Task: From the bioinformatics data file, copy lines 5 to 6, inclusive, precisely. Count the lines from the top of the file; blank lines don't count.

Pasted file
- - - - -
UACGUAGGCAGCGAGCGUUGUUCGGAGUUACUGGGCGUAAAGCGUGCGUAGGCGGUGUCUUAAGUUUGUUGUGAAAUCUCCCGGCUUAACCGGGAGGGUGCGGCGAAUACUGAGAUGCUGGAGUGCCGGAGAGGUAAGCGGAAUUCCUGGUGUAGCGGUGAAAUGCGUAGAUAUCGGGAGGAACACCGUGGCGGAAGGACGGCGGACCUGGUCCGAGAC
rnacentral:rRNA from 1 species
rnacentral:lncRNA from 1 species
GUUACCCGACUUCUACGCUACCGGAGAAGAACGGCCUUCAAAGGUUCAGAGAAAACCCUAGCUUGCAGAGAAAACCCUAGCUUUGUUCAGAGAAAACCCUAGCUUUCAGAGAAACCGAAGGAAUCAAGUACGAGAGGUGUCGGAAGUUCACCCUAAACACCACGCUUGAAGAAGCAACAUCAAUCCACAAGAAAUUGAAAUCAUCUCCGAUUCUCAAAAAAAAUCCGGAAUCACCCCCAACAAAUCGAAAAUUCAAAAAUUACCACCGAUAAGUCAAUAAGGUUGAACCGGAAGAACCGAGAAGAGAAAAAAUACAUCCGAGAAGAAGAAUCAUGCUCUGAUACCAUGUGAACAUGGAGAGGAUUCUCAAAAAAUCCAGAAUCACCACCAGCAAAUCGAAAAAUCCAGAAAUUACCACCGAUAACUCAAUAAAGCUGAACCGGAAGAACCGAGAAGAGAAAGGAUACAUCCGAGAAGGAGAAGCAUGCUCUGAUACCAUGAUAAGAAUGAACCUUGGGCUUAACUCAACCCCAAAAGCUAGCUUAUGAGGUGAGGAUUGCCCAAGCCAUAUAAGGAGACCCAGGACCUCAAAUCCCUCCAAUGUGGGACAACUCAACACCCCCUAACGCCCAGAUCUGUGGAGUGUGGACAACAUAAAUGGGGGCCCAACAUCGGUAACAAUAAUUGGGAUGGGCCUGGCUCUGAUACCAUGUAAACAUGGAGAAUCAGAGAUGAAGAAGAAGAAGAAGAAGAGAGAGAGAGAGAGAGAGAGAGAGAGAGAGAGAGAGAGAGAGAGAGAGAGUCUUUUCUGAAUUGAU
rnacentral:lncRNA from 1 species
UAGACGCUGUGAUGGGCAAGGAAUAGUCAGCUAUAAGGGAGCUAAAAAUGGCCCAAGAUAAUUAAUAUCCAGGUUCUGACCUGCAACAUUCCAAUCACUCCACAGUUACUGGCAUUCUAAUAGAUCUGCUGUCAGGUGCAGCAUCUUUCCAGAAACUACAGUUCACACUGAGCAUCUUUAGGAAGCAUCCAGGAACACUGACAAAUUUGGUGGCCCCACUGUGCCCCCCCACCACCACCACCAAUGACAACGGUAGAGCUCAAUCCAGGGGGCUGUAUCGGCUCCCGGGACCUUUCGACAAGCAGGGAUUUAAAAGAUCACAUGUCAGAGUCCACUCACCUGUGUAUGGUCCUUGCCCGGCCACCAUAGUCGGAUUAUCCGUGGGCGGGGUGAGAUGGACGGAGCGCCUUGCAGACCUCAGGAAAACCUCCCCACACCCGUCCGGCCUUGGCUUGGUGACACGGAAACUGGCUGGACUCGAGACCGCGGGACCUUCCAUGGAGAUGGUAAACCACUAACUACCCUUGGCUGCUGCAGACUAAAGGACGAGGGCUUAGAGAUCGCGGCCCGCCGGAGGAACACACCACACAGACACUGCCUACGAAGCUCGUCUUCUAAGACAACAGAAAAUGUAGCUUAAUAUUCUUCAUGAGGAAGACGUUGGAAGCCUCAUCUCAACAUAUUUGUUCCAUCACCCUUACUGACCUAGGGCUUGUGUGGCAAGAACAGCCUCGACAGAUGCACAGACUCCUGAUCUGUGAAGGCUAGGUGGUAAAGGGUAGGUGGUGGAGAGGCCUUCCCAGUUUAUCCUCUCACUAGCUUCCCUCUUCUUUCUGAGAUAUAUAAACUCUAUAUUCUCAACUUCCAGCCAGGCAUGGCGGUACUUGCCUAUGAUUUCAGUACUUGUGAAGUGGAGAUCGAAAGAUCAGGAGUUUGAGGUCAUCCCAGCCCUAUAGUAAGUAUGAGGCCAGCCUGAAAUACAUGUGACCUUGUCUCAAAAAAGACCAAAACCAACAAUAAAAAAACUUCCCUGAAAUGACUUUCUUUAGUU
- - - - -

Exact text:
rnacentral:lncRNA from 1 species
UAGACGCUGUGAUGGGCAAGGAAUAGUCAGCUAUAAGGGAGCUAAAAAUGGCCCAAGAUAAUUAAUAUCCAGGUUCUGACCUGCAACAUUCCAAUCACUCCACAGUUACUGGCAUUCUAAUAGAUCUGCUGUCAGGUGCAGCAUCUUUCCAGAAACUACAGUUCACACUGAGCAUCUUUAGGAAGCAUCCAGGAACACUGACAAAUUUGGUGGCCCCACUGUGCCCCCCCACCACCACCACCAAUGACAACGGUAGAGCUCAAUCCAGGGGGCUGUAUCGGCUCCCGGGACCUUUCGACAAGCAGGGAUUUAAAAGAUCACAUGUCAGAGUCCACUCACCUGUGUAUGGUCCUUGCCCGGCCACCAUAGUCGGAUUAUCCGUGGGCGGGGUGAGAUGGACGGAGCGCCUUGCAGACCUCAGGAAAACCUCCCCACACCCGUCCGGCCUUGGCUUGGUGACACGGAAACUGGCUGGACUCGAGACCGCGGGACCUUCCAUGGAGAUGGUAAACCACUAACUACCCUUGGCUGCUGCAGACUAAAGGACGAGGGCUUAGAGAUCGCGGCCCGCCGGAGGAACACACCACACAGACACUGCCUACGAAGCUCGUCUUCUAAGACAACAGAAAAUGUAGCUUAAUAUUCUUCAUGAGGAAGACGUUGGAAGCCUCAUCUCAACAUAUUUGUUCCAUCACCCUUACUGACCUAGGGCUUGUGUGGCAAGAACAGCCUCGACAGAUGCACAGACUCCUGAUCUGUGAAGGCUAGGUGGUAAAGGGUAGGUGGUGGAGAGGCCUUCCCAGUUUAUCCUCUCACUAGCUUCCCUCUUCUUUCUGAGAUAUAUAAACUCUAUAUUCUCAACUUCCAGCCAGGCAUGGCGGUACUUGCCUAUGAUUUCAGUACUUGUGAAGUGGAGAUCGAAAGAUCAGGAGUUUGAGGUCAUCCCAGCCCUAUAGUAAGUAUGAGGCCAGCCUGAAAUACAUGUGACCUUGUCUCAAAAAAGACCAAAACCAACAAUAAAAAAACUUCCCUGAAAUGACUUUCUUUAGUU